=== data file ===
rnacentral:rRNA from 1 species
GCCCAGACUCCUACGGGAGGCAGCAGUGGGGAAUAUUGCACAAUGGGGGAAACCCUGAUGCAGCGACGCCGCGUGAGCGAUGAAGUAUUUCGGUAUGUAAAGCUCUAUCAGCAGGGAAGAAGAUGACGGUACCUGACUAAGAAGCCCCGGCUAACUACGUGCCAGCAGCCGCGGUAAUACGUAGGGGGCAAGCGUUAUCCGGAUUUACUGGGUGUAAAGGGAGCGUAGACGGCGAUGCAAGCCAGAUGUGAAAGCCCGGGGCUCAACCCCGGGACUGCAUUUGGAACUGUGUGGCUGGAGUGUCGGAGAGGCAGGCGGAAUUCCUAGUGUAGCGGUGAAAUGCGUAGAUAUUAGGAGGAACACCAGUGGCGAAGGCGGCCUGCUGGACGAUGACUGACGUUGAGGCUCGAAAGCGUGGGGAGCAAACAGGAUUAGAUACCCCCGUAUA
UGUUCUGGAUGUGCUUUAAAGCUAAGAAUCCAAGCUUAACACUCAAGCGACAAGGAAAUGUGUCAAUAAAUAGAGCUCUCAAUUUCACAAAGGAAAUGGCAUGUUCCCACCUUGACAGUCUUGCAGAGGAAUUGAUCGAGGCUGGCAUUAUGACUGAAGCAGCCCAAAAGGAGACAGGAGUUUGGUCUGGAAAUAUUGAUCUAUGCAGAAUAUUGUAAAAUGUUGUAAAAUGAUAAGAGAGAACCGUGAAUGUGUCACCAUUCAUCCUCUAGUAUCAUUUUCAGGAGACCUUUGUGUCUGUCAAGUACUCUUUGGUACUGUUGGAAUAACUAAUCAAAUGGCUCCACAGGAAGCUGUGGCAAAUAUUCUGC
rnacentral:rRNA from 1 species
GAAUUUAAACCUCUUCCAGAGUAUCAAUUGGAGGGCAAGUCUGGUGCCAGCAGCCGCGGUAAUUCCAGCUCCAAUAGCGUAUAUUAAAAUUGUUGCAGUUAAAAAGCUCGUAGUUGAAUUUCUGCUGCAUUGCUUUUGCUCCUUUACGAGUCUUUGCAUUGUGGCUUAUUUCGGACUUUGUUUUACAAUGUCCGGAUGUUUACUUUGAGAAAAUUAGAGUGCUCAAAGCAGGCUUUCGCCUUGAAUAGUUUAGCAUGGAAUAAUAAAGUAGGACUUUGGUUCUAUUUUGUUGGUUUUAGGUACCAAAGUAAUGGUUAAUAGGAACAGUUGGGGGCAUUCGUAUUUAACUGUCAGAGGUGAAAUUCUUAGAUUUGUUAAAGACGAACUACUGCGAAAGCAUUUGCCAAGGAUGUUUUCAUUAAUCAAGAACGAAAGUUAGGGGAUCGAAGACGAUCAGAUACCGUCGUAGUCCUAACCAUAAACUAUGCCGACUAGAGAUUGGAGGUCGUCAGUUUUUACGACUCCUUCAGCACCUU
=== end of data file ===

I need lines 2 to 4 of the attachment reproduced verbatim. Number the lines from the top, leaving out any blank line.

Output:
GCCCAGACUCCUACGGGAGGCAGCAGUGGGGAAUAUUGCACAAUGGGGGAAACCCUGAUGCAGCGACGCCGCGUGAGCGAUGAAGUAUUUCGGUAUGUAAAGCUCUAUCAGCAGGGAAGAAGAUGACGGUACCUGACUAAGAAGCCCCGGCUAACUACGUGCCAGCAGCCGCGGUAAUACGUAGGGGGCAAGCGUUAUCCGGAUUUACUGGGUGUAAAGGGAGCGUAGACGGCGAUGCAAGCCAGAUGUGAAAGCCCGGGGCUCAACCCCGGGACUGCAUUUGGAACUGUGUGGCUGGAGUGUCGGAGAGGCAGGCGGAAUUCCUAGUGUAGCGGUGAAAUGCGUAGAUAUUAGGAGGAACACCAGUGGCGAAGGCGGCCUGCUGGACGAUGACUGACGUUGAGGCUCGAAAGCGUGGGGAGCAAACAGGAUUAGAUACCCCCGUAUA
UGUUCUGGAUGUGCUUUAAAGCUAAGAAUCCAAGCUUAACACUCAAGCGACAAGGAAAUGUGUCAAUAAAUAGAGCUCUCAAUUUCACAAAGGAAAUGGCAUGUUCCCACCUUGACAGUCUUGCAGAGGAAUUGAUCGAGGCUGGCAUUAUGACUGAAGCAGCCCAAAAGGAGACAGGAGUUUGGUCUGGAAAUAUUGAUCUAUGCAGAAUAUUGUAAAAUGUUGUAAAAUGAUAAGAGAGAACCGUGAAUGUGUCACCAUUCAUCCUCUAGUAUCAUUUUCAGGAGACCUUUGUGUCUGUCAAGUACUCUUUGGUACUGUUGGAAUAACUAAUCAAAUGGCUCCACAGGAAGCUGUGGCAAAUAUUCUGC
rnacentral:rRNA from 1 species